So I should join the military to enjoy my A/C in the future...thanks for the heads up.
Not only that, running A/C (massive draw on/off cycling, induction loading) from PV (direct current, battery buffered steady state supply) is horribly inefficient. A lousy use for PV.
yup A.C. and the computers they use require a 24/7 base load.
this is somthing both wind and solar don't provide.
We never run our AC at night - I beg to differ with your comment.
i was talking about iraq. a desert country that does stay very warm during the night hours.
also just because you don't doesn't mean others do the same as you.
Want or desire is one thing, "require" is another. But yes, Iraq is hot at night. Still the AC demand is considerably less at night and of course PV would not be the only source of power. It's the old peak load issue.
While I agree that PV for AC seems like a bad idea - even ridicuous - on the surface, I paused a moment to reflect on numbers I have heard for how expensive gasoline or diesel is in Iraq. The cost is huge, transportation by tanker is dangerous and by very heavily guarded convoy, and the liquids are needed for ground transport. I don't recall the cost figures but remember them being astonomical per gallon. Perhaps in this situation, having PV on the roof and wind turbines makes sense. You don't have to transport dangerous fuels, availability is generally predictable, and you have room. The more I think of it, it may actually be quite cost-effective relative to inefficient ICE generators running on diesel in this setting.
yea but the main reason it's a option to them is because it's cheap to make those things elsewhere in both energy and money. we won't have that same advantage when we are in the same postion.
It's August and the day/night temperature differential is 30-40 degrees in Iraq. While temperatures in Baghdad can hit 110-120 during the day, lows of 70-90 can occur at night and that is quite comfortable after a broiling hot day. Remember also that generally humidity is lower there so hotter temperatures are not as bad as high humidity locations having the same sorts of temperatures.
yea but any modern computer there would require a.c. of some degree.
Heat stress is cumulative. I would hope they had fans at least at night or the winds blow hard to allow opening a window. Never mind the sand blizzards. But an OR will need A/C to try to keep that ultra-fine powered sand out. The sand is like talcum powder, not beach sand. That's why they get the sand blizzards in the first place.
  Guantanamo already runs off of electricity generated by wind. Too bad they can't run it just from the energy in the screams of tortured prisoners.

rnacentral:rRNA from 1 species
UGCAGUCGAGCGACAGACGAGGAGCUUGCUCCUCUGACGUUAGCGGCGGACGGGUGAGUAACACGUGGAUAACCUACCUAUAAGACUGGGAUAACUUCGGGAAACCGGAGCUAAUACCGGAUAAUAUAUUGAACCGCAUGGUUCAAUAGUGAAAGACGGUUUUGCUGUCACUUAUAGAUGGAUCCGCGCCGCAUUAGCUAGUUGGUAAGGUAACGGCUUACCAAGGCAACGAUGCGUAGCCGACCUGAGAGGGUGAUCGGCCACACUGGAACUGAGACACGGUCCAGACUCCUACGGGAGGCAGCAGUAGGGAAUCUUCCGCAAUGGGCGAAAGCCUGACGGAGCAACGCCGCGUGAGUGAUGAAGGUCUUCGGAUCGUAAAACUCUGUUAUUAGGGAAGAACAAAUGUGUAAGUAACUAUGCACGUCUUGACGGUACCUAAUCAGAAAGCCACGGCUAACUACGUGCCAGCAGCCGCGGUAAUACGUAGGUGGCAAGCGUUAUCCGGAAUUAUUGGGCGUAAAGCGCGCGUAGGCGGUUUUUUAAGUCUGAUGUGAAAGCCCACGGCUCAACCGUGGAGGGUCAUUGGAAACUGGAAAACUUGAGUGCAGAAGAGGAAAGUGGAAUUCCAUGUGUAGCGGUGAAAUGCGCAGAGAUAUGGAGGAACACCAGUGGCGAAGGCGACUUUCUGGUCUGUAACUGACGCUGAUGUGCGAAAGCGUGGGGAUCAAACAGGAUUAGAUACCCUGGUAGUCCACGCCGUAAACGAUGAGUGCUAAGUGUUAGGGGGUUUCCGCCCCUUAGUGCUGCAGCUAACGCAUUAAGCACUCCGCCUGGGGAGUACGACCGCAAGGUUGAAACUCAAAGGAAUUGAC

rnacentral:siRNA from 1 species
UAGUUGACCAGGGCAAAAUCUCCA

What about 19th Century prisoners treadmills :-(
In the 1800s those treadmills were actually like a Stairmaster. As the prisoners get the workout, a wheel on the end is hooked with a belt to whatever use.
Which makes me wonder.  Do you think we might go back to chain gangs that actually accomplished tasks?  Will Prison become an insitution of cheap(someone's gotsta make a buck) slave labor?
Being done now. Where have you been? Terrubly inefficient, usually benefiits go to the politically connected, costs borne by public purse.
yup it's the same guy in Arizona who is making them wear pink cloths and eat bad meat and bread.
Forced labor in our prisons is older than our country, and has been continuous throughout.  Go watch Shawshank to see how it's invariably run.
These are for state issues like plates and such.  What about renting these guys to farm or other labor intense activites.  Instead of corn subsidies, what if we provided cheap labor for the farmers?  
Who knows. It may well come to that.
Indentured Servitude, dropping from Yeoman to Serf has happened before. There are lots of ways the bankrupted can be forced to pay off bad debts as labourers housed in barracks on farms, or conscripted into the long war against terror. Also, to ensure a constant supply, minor crimes could end up with heavier sentences. Even the spectrum of 'crimes' can be altered to suit.
Hmmm..like drug laws.  Good point.
Powerful symbolism : oil extraction requires renewables to be viable.

On a similar theme :

The first deep-water offshore wind farm is being commissioned at the moment, in the North Sea near Scotland. Two big turbines (5 Mw each) will be used initially to power an oilfield, but the longer-term aim is to reuse some of that offshore infrastructure that will soon be producing nothing...


A couple of weeks ago, I unsuccessfully tried to negotiate a visit for a photographer friend, who is preparing a book on alternative energies.

Re: Tom Whipple on Rethinking America's Cars.  I'm glad he's thinking about the re-thinking.  But his thinking is currently lacking in two ways:

Lacking the laws of physics.  No cheap add-ons will make a 2-ton vehicle efficient for moving one human.  All the hype about various technologies aside, the main predictor of fuel economy is vehicle weight: fuel consumption is proportional to weight in stop and go traffic.  Although that's not quite true in theory for constant-speed highway driving, even the official highway MPG figures are closely relater to weight, as I found when I looked at various cars I considered buying.